In the ongoing controversy over whether and how to use a powerful new genome editing technology in the wild to achieve conservation and public health goals, two new papers urge caution.

Jason Delborne addresses CRISPR gene drives controversy in NYTimes, Quanta, and Gizmodo

November 17, 2017 | Patti Mulligan

GES Faculty member Jason Delborne addresses two controversial new papers in several articles published this week on the safety of field testing CRISPR gene drives in the wild. With links to articles in New York Times, Quanta, Gizmodo and The Atlantic....

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Graphic of corn cobs with DNA

Genetic Literacy Project: USDA scraps overhaul of GMO and gene edited crop regulations that biotech advocates viewed as ‘unscientific’

November 7, 2017 | Patti Mulligan

“I think the real reason [for the withdrawal] is that the new proposed rule would have brought more gene-edited crops under its authority,” stated Kuzma. “And this new administration isn’t too fond of regulations in general.”...

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Marine iguanas of the Galápagos are vulnerable to feral cats and other invasive predators. Credit: Tui de Roy, Scientific American

Scientific American: Could Genetic Engineering Save the Galápagos?

November 7, 2017 | Patti Mulligan

Campbell first became intrigued by the possibilities of gene drive in 2011, when he sat in on a conference call between biologists at NC State University and officials of the U.S. Fish and Wildlife Service to discuss a possible genetic approach to control a runaway mouse problem on Southeast Farallon Island, about 20 miles west of the California coast, near San Francisco. John Godwin, a North Carolina State neurobiologist who studies animal behavior, had learned of the Farallon issue while skimming the Internet in 2011. He happened to be at a university with an established infrastructure dedicated to experimenting with—and considering the ethical implications of—genetic manipulation....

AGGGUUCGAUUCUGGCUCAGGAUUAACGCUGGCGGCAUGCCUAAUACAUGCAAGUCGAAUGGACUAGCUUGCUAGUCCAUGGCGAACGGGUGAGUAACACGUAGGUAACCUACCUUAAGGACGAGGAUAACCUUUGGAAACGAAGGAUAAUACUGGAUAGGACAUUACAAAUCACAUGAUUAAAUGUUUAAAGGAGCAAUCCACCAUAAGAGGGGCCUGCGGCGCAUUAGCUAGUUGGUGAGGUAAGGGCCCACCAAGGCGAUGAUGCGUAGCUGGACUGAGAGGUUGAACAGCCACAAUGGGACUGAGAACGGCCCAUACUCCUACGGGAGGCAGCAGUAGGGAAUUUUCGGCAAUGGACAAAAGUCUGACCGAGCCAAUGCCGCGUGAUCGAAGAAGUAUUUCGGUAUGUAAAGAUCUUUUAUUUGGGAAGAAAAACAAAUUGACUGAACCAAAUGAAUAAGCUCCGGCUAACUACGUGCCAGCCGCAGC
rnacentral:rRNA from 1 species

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Tractor plowing a field.

Science: Trump’s agriculture department reverses course on biotech rules

November 7, 2017 | Patti Mulligan

It’s a predictable move by President Donald Trump’s White House to take another look at the policies of the previous administration, says Jennifer Kuzma, a social scientist who co-directs the Genetic Engineering and Society Center at North Carolina State University in Raleigh. “I expected them to eventually catch wind that this was something that USDA was doing, and reverse it.”...

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Science Cafe

Godwin and Delborne discuss CRISPR and ethics at NC Museum of Science